© Mark Levitin
© Mark Levitin
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Cat Tien National Park, Dong Nai: rare primates and more

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Despite its relative proximity to Saigon and the inevitable hordes of domestic tourists on holidays, Cat Tien National Park in Dong Nai province remains a great place to observe wildlife. The protected forest is not only full of animals - seemingly sufficient protection measures keep them relaxed an easy to see. Even the extremely rare Javan rhinos have been sighted in the past, but those are now believed to be extinct. The main attraction of Cat Tien, arguably, is its primates, particularly the endemic yellow-cheeked gibbon. But there is much, much more.

© Mark Levitin
© Mark Levitin

The main zone

Most easily accessible areas of the park are covered in thick tropical forest, mainly secondary. Dominance of deciduous trees means that during the dry season a lot of the foliage is shed, exposing the higher canopy levels and making gibbons very easy to see. You can always locate them by their shrilling, yapping call - they usually sing in the morning. Another interesting primate species is black-shanked douc langur, also pretty common. Surprisingly, macaques, those ubiquitous pests, although present in Cat Tien, are shy and few in numbers. So are silvered langurs - you would be better off seeking them in Thailand. Night walks allow to spot slow loris, palm civets and porcupines. For those with less patience, such as local tourists, the park highlights a few exceptionally big trees as attractions: a good background for selfies, apparently.

© Mark Levitin
© Mark Levitin

Other areas

One extremely worthy excursion is a visit to the Crocodile Lake,  about 13 km from the headquarters. This can be done entirely on foot, or else one can cycle or take a canter truck for the first nine km or so. The lake is predictably full of big Siamese crocodiles, who float near the surface with the snout sticking out and seem to ignore all terrestrial animals, including humans, with great aloofness. If you are lucky, you may catch one of them busking on the shore, or witness a hunting scene - a frightened fish leaping out of the water, followed by a gaping crocodile maw. The swampy shores give temporary shelter to migratory storks. There are two rehabilitation centers in the park, both looking more like zoos. Considering the entrance fee, they can be skipped in favor of more wildlife watching and jungle hiking. River rapids attract Vietnamese picnickers, but are not particularly spectacular. Other parts of the riverbank are difficult to approach because of thick bamboo and swamp palm growths but may yield a sighting of a fishing owl or, at night, a leopard cat.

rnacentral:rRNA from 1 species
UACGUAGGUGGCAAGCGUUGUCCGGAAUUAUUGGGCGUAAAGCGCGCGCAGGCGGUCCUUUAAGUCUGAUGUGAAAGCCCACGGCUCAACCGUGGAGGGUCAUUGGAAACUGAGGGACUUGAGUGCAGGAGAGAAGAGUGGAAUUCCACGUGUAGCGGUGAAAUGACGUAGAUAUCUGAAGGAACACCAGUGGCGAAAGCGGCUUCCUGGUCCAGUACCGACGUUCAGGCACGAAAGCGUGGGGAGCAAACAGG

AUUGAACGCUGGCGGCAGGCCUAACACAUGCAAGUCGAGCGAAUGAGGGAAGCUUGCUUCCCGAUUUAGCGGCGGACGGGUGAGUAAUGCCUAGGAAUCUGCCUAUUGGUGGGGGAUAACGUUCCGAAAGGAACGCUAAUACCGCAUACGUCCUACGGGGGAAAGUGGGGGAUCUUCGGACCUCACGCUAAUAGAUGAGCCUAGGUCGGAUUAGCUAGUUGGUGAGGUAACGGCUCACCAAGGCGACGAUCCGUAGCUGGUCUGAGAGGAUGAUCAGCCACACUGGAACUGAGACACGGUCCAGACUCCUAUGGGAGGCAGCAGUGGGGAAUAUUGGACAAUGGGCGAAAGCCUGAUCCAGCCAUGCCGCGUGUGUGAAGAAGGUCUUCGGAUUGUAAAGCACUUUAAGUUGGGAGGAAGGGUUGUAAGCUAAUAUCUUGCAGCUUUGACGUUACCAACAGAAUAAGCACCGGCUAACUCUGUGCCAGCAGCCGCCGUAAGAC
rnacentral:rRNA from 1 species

© Mark Levitin
© Mark Levitin

Practicalities

Cat Tien National Park is very easy to reach from Saigon: direct buses depart roughly hourly from Mien Dong Bus Station. One bus a day also connects it with Dalat. For other destinations, you would first have to get to Phuong Lam - a stop on the highway traversing Dong Nai province. The distance is 19 km - unless you are cycling, you will have to walk, hitchhike or take a motorbike taxi. The park is separated from the namesake village by a river - note that the ferry across it runs officially from 06:00 till 20:30 (21:30 in dry season), but in reality the boatman leaves around 19:00. Two accommodation options inside the national park are great if you want to see rare wildlife right from your porch, but cost much more than the guesthouses in the villages. Bicycles can be rented at the headquarters to explore the forest roads, but your best chance to see gibbons and other primates is to walk on lesser trails, some designated with blue markings on tree trunks, some not at all. It goes without saying that a hike like this requires at least a bit of experience, proper footwear, and either a reliable GPS or a compass. In case you have not done it before - eyes are almost useless in the jungle. Use your ears.

Cat Tien National Park, Dong Nai
Cat Tien National Park, Dong Nai
Cat Tien National Park, Tân Phú, Đồng Nai, Vietnam

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The author

Mark Levitin

Mark Levitin

I am Mark, a professional travel photographer, a digital nomad. For the last four years, I am based in Indonesia, spending here roughly half a year and travelling around Asia for the other half. Previously, I spent four years in Thailand, exploring it from all perspectives.

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